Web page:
Culture, Entertainment, Uncategorized

Three Reasons to Play Tabletop RPGs

Tabletop RPGs have long been considered a niche activity. Most people imagine a group of the weird kids in a basement with dice, wizard hats, and plastic swords. They’re right in some cases, but not all. The tabletop gaming community is over 5.5 million people strong and includes people of all creed, class, and color. Now is a great time to roll the dice and give tabletop gaming a try. Here are three reasons why:

A Unique Experience

Tabletop RPGs provide nearly limitless options for players. As a result, you can create unique characters, worlds and story lines with an abundance of resources at your disposal. Enter a world full of life as a noble hero saving those in need, or instead become a terrible villain. Maybe you’ll be a common person wrapped up in a misadventure. How about a character that represents your own personality altered slightly to fit the setting? Perhaps you’re a few of these things wrapped up in one, complicated bundle. The experience of a tabletop game with the right group is difficult to match with anything else.

Tabletop RPGs are also a great form of stress relief. They provide an escape for difficult times, and a healthy way of venting frustrations. Surrounding yourself with friends and socializing around a game of Dungeons & Dragons is a great way to get out of a slump.

Rule-sets Are Simpler Than Ever Before

Difficult rule-sets and complicated descriptions were a big roadblock to growth many years ago. Some people argue that certain RPGs have always been simple, however there’s no doubt that today’s rule-set are ready-made for beginners. Rule-set and other materials are cheap and readily accessible. Here’s a great list of RPGs for beginners, however it’s encouraged to do some research to find the RPG that’s right for you.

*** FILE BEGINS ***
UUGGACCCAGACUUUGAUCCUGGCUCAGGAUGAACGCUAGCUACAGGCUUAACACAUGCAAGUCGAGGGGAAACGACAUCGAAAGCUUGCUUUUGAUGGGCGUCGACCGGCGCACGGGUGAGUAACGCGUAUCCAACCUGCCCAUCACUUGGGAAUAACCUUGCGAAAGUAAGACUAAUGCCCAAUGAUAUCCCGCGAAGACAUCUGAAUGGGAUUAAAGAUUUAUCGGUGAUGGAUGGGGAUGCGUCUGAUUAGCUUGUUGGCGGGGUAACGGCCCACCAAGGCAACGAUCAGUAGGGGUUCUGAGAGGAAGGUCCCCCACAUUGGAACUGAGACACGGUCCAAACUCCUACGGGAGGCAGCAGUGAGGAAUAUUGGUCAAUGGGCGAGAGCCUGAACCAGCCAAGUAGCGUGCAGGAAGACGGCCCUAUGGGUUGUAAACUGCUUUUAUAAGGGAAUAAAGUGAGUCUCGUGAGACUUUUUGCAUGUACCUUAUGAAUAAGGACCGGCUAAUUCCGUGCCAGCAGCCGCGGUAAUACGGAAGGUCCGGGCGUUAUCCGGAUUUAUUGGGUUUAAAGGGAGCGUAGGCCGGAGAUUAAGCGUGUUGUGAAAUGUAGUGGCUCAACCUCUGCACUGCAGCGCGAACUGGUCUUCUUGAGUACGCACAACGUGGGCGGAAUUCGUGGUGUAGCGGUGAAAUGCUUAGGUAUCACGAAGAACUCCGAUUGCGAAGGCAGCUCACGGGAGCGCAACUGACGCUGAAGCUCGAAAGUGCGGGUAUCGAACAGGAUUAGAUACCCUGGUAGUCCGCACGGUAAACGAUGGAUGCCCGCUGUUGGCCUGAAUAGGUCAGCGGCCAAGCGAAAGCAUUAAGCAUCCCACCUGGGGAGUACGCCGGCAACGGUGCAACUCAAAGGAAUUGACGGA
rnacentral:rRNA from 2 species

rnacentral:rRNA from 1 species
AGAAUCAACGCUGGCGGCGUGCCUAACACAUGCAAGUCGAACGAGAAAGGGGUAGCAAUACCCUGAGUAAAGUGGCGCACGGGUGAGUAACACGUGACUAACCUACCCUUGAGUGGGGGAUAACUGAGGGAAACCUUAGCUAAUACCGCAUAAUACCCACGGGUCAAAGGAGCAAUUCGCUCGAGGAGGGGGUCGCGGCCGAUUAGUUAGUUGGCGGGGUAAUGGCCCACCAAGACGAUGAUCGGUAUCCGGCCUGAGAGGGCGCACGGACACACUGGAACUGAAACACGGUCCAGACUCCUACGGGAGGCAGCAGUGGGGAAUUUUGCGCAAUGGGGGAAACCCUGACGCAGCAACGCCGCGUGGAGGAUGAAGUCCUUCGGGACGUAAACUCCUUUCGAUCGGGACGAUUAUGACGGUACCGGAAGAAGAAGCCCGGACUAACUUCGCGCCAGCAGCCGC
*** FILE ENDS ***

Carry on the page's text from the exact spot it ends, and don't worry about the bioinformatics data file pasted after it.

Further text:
Improves Mental Function

Tabletop RPGS can improve mental function and creativity. A study performed by a city university in Hong Kong tested a small group of participants across several categories. The three primary groups were TRPG (Tabletop RPG players), ERPG (Electronic RPG players) and non-RPG players. In conclusion, that data from several questionnaires and tests showed that TRPG players were more fluid, fluent and flexible with their mind than the other two groups.

Tabletop RPGs have moved on from being strictly “for nerds”, and people of all ages should give them a try. Try to find groups in your area through local hobby stores, or put a game together yourself. In addition, Wizards of the Coast and NearbyGamers are two great sites for finding tabletop games and meeting new people. Be creative, be adventurous, and most importantly, have fun.

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